There are also some huge rooms on history, my favourite was the room dedicated to Kazakhstani Independence following the fall of communism and the break up of the Soviet Union. Another room displays ancient history, Soviet history and the Second World War. Photos are banned inside the entire museum, I took a few sneaky ones.
7.Palace of the Republic
A little less dramatic than advertised, this palace in a square offers little more than a 3 minute walk past it to admire and take a few photos.
8.Kok Tobe and the Cable Car
I had five days in and around Almaty and four times I went to the Cable Car entrance and each time it was closed. The guards were also less than friendly. It was clear the cable cars were still operating as I could see them climbing up the mountain every few minutes, but I wasn’t allowed in and there were no other tourists around.
By getting the cable car, you arrive at the Kok Tobe Tower and can enjoy good views over all of Almaty city.
Kazakhstan is a dominantly Muslim country and Mosques are scattered around. That said, finding one in Almaty is not always so straight forward. Your best bet is just to head to the Central Mosque to check it out. Don’t forget to take your shoes and hats off before going in. It is located on Pushkin Street, a few blocks out of the city centre from the Zelyong Bazaar.
10.Respublika Alany (Republic Square)
Here in front of the enormous City Hall, sits a quiet Republic Square. With its permanent monuments and temporary displays, it acts as a place for people to meet up. However, in winter time it was always quiet when I visited.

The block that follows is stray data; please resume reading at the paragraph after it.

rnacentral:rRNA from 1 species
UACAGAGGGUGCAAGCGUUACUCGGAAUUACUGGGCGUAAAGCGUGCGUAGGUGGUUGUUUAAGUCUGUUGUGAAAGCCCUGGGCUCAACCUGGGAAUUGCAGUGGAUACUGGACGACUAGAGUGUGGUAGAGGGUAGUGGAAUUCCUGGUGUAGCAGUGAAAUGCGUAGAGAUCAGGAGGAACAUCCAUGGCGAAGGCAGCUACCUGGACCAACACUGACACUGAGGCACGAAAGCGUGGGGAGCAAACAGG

There is a monument here dedicated to those that died in this square in 1986 during the Glasnost era of Gorbachev’s rule after protests, the first of their kind in Central Asia. The City Hall sits opposite.
For an example of one of the notorious surviving hotels from Soviet times, you can check out the Hotel Kazakhstan. There’s a public bar inside so you are welcome to go in. It is on Dostyk Avenue.
I didn’t go in for a dip here to Arasan Bath-house but most people do. I guess I’d had my fix of bath houses in Iran and Turkey. At any rate, it’s a cool building to admire from the outside. Inside it will be gender separated and you need to get naked.
Again a building dating back to the times when this country was included in the USSR amalgamation, a typically large theatre which still puts on shows in Kazak, Russian and English. It’s the Soviet influence which shines through most though, both inside and outside.
14.Kazakhstan Flags on Dostyk Avenue
You should try and make the short walk uphill from Dostyk junction (take a right past Abai metro on the main avenue). Here is a long road full of Kazakhstan flags that leads up to the mountains. It’s worth seeing.
That’s 14 – when you backpack here you will of course find lots more but this should get you started.
Here are some videos from my time backpacking in Almaty, Kazakhstan:
6 thoughts on “Backpacking in Kazakhstan: Top 14 Sights in Almaty”
Hi Jonny. Hope you are well since the last we extended some messages 🙂
I’m now all set with Bishkek thanks to the tricks I collected here but I’m now trying to get info about the best way to go from Almaty airport to city center without using an expensive cab.
Can you help me ??
Thanks in advance.
Hi Joel, I got a bus from Almaty airport to the city center, it cost me about 20-30 cents only, then I walked from Abay to my hostel at Dostyk Avenue. Just come out of the airport and ask about city buses, it’s easy. Safe travels. Jonny